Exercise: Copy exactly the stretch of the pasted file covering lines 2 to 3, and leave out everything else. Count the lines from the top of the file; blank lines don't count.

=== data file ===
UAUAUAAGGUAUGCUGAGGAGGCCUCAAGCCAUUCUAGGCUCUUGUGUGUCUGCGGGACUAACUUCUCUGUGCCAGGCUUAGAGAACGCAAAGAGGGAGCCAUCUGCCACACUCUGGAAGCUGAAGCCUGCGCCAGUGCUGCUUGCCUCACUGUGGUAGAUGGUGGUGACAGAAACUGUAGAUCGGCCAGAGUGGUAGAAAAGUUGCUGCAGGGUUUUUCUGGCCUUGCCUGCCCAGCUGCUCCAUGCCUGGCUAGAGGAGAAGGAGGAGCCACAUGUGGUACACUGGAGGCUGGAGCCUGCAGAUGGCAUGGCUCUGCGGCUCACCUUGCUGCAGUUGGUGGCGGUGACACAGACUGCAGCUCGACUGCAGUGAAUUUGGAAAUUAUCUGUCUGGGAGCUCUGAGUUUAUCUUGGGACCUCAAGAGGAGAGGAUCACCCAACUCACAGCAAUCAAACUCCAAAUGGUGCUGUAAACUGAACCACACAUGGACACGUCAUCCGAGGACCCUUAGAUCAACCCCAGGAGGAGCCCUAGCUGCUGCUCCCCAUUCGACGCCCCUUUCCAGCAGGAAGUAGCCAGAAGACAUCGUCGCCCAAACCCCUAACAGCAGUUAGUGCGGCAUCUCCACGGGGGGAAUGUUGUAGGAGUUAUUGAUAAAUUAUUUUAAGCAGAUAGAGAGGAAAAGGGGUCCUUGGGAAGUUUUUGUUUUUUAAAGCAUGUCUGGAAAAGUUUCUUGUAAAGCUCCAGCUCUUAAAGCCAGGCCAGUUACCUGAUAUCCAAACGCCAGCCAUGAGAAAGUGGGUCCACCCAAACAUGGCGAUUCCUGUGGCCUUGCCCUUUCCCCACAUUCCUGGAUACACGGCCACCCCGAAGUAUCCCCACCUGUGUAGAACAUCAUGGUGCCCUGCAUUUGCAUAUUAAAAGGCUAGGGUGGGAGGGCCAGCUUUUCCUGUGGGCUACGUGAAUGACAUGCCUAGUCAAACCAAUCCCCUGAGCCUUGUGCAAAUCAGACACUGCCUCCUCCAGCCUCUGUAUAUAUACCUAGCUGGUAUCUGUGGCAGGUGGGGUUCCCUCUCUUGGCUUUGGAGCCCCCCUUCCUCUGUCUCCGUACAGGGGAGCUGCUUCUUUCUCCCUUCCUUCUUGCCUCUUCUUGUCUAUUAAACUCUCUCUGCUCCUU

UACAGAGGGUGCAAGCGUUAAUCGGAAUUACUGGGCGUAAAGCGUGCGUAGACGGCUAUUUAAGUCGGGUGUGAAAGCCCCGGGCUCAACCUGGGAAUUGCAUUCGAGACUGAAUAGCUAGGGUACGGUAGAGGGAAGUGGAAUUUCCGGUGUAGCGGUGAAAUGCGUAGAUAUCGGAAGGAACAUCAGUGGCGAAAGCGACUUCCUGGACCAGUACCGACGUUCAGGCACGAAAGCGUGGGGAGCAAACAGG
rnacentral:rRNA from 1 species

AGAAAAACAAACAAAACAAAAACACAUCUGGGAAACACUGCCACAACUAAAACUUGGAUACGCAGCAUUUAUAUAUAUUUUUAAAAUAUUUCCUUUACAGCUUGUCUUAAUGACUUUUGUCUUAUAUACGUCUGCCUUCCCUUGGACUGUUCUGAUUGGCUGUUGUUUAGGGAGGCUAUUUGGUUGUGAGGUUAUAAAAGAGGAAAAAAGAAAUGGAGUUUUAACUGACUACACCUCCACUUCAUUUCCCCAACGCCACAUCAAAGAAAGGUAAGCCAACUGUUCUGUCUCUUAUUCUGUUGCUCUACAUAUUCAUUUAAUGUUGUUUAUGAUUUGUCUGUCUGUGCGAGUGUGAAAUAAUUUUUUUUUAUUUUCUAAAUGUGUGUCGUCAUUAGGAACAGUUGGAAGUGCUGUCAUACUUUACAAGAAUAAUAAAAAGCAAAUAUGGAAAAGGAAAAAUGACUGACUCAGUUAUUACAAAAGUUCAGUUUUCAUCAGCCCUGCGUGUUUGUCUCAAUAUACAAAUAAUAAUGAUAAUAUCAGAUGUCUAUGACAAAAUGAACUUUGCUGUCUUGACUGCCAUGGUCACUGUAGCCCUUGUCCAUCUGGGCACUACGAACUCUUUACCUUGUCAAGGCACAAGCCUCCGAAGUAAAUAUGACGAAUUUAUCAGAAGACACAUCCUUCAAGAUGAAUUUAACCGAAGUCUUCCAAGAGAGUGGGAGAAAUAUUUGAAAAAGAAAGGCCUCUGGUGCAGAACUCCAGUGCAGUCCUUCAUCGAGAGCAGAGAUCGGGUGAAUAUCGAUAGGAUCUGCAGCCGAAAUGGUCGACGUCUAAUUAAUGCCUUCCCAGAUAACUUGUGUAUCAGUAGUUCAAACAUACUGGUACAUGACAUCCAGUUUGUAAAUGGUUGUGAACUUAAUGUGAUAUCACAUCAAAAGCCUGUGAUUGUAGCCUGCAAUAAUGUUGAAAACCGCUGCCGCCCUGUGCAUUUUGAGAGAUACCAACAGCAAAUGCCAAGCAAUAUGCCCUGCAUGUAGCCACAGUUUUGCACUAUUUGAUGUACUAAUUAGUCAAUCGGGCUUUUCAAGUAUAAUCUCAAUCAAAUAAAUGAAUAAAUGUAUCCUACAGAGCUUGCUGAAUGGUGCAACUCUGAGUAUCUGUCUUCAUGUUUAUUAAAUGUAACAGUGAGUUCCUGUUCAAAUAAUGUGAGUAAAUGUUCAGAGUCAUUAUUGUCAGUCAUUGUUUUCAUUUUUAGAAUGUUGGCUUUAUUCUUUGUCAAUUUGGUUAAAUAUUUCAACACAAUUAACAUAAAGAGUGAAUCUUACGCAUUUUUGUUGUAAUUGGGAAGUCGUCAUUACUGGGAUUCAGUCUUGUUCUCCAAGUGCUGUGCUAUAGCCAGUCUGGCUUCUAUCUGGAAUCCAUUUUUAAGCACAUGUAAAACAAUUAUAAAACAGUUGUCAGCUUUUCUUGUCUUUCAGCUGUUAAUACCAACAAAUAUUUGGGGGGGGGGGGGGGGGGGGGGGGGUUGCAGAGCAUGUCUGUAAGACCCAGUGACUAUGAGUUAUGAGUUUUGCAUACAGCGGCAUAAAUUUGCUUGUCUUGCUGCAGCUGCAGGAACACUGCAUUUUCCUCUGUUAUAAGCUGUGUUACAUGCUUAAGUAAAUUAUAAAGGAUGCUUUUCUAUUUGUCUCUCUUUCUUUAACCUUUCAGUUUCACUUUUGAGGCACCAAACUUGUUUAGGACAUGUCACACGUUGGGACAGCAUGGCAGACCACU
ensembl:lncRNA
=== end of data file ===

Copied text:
UACAGAGGGUGCAAGCGUUAAUCGGAAUUACUGGGCGUAAAGCGUGCGUAGACGGCUAUUUAAGUCGGGUGUGAAAGCCCCGGGCUCAACCUGGGAAUUGCAUUCGAGACUGAAUAGCUAGGGUACGGUAGAGGGAAGUGGAAUUUCCGGUGUAGCGGUGAAAUGCGUAGAUAUCGGAAGGAACAUCAGUGGCGAAAGCGACUUCCUGGACCAGUACCGACGUUCAGGCACGAAAGCGUGGGGAGCAAACAGG
rnacentral:rRNA from 1 species